* Wal-Mart should apply its “Repeatable Formula” of Lowest Price – supported with efficient supply chain and information technology for its Indian marketers as well. * Wal-Mart should focus on local customer preferences, strategic locations, regional diversity and incorporating Indian values for building a sustainable business model for India. KEY SUCCESS FACTORS FOR INDIAN MARKETS:

* Cost Leadership – Attracting Masses. * Strategic Retail Outlet Location. * Wide Range of Goods/ Variety (keeping ethnic diversity in mind). * Sales Promotion/ Marketing Campaigns in Festive Seasons. Threat of New Entrants * Carrefour to enter market. * Walmart has first mover advantage.

Threat of Substitute Products * No immediate substitutes possible to retail. Bargaining Power of Suppliers * With high volume model of Walmart, suppliers have low bargaining power. Bargaining Power of Customers * Present organized/unorganized sector unable to give low price details. COMPETITIVE RIVALRY * Large unorganized sector * Moderate to high organized sector.

With fast increasing demand and proposed model of cost leadership, Indian Retail Industry looks substantially profitable. STRENGTHS 1. Deal with suppliers – Cost Leadership. 2. Efficient Supply Chain. 3. Strategic Location. 4. Strong IT backup. 5. New Technology Implementation.| WEAKNESS 1. Unable to adapt to different cultures/countries. 2. Heavily dependent on bulk sales. 3. Late entrants. 4. No success beyond America.| OPPURTUNITIES * New economies – India/ Brazil/ China. * Rising disposable incomes. * New channels – Marketing/ Internet based models.| THREATS 1. Restriction on FDI e.g. India. 2. International law against dumping. 3. Regional competitors. 4. Law against monopoly- Anti thrust policies.|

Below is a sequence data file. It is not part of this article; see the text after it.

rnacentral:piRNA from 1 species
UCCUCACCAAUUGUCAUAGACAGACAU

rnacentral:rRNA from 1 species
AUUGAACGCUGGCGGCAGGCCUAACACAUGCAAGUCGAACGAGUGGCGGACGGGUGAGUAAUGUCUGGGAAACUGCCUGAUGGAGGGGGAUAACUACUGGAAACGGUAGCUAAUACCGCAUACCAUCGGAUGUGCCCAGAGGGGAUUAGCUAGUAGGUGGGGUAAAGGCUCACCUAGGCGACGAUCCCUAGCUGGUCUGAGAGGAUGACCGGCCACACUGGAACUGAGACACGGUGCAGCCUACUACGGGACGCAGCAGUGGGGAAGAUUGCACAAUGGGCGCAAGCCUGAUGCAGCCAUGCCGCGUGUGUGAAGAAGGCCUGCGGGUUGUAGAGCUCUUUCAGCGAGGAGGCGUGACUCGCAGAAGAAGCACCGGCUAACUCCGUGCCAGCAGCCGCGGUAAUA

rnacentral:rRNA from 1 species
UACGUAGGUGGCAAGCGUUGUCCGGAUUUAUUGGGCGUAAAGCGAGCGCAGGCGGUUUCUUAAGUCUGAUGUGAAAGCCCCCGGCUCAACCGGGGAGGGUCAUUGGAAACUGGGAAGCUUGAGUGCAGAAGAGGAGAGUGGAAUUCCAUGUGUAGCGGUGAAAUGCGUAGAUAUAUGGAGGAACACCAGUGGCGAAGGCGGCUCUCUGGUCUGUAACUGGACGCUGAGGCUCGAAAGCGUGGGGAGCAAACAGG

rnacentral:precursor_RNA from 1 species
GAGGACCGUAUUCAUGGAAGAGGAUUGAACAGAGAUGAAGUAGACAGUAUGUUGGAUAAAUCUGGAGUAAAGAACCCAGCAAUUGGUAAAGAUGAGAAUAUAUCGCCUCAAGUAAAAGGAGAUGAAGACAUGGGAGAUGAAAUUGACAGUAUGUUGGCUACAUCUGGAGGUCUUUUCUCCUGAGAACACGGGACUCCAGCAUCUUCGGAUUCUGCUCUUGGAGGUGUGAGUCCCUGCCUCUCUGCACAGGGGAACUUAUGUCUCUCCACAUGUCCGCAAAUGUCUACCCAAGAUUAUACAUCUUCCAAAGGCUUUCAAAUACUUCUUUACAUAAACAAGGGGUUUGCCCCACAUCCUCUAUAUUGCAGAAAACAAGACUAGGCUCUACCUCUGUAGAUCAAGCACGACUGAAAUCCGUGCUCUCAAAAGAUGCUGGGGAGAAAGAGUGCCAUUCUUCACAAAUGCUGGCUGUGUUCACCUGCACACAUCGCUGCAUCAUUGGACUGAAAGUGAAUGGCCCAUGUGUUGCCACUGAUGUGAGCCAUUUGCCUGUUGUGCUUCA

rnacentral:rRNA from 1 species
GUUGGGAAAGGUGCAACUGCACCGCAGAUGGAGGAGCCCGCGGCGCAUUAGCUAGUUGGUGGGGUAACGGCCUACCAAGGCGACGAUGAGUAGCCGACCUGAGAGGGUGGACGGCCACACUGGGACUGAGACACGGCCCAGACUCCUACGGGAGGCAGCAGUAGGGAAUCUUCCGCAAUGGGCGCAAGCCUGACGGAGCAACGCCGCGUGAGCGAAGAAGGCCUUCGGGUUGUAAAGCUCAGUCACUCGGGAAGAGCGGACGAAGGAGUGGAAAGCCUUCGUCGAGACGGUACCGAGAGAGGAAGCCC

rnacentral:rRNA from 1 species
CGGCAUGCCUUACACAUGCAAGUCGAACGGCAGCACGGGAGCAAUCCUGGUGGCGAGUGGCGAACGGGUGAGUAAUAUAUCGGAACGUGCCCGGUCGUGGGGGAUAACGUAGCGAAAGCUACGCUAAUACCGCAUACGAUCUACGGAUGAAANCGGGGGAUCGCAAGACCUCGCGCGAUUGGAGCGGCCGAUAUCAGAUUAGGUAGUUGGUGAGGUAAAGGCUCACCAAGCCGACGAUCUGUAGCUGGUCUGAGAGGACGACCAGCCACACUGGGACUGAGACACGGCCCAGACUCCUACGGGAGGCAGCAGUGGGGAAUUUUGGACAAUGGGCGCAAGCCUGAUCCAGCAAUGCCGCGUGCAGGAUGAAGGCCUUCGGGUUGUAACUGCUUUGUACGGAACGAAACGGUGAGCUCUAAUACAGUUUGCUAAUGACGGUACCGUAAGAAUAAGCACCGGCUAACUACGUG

The key to success lies in how Wal-Mart tackles local laws/ regulations and makes its repeatable formula work in new markets. NAME|Big Bazaar.(Future Group)| CATEGORY|MerchandizeDiversified.| TARGET SEGMENTS|Middle Class.| COMMENTS|Among the main competitors.|Pantaloons.(Future Group)| Apparels, Accessories.| Upper Middle ClassLower Upper Class.| Among the main competitors.| Star Bazaar.(Tata Group)|

MerchandizeDiversified.| Upper Middle ClassLower Upper Class| String Backing by Tata, Limited Research.| D.Mart.| Merchandize.| Middle/ Upper Middle Class.| Smaller Outlet, limited growth.| Shopper’s Stop.| Apparels, Accessories.| Mostly Upper Class.| Strong hold in metros, Good presence in target segment.| Lifestyle.| | | |

Wal-Mart is expected to tackle its competitors. The key for Wal-Mart lies in capturing the market and finding strategic locations for the stores.

1. FDI Restrictions: FDI Restrictions of 51% on Multi-brand Retail. Proposal for increasing the cap to be discussed in winter session. 2. Social and Political Resistance: A strong opposition from certain political parties is certainly expected-Local retailers, dealers would protest. 3. Poor infrastructure will cause friction: Indian Standards of roads, ports and freight facilities are way below global benchmark. It will lead to inefficiency in the value chain. 4. Regional Diversity: Challenge to have tactics according to regional/ ethical requirements.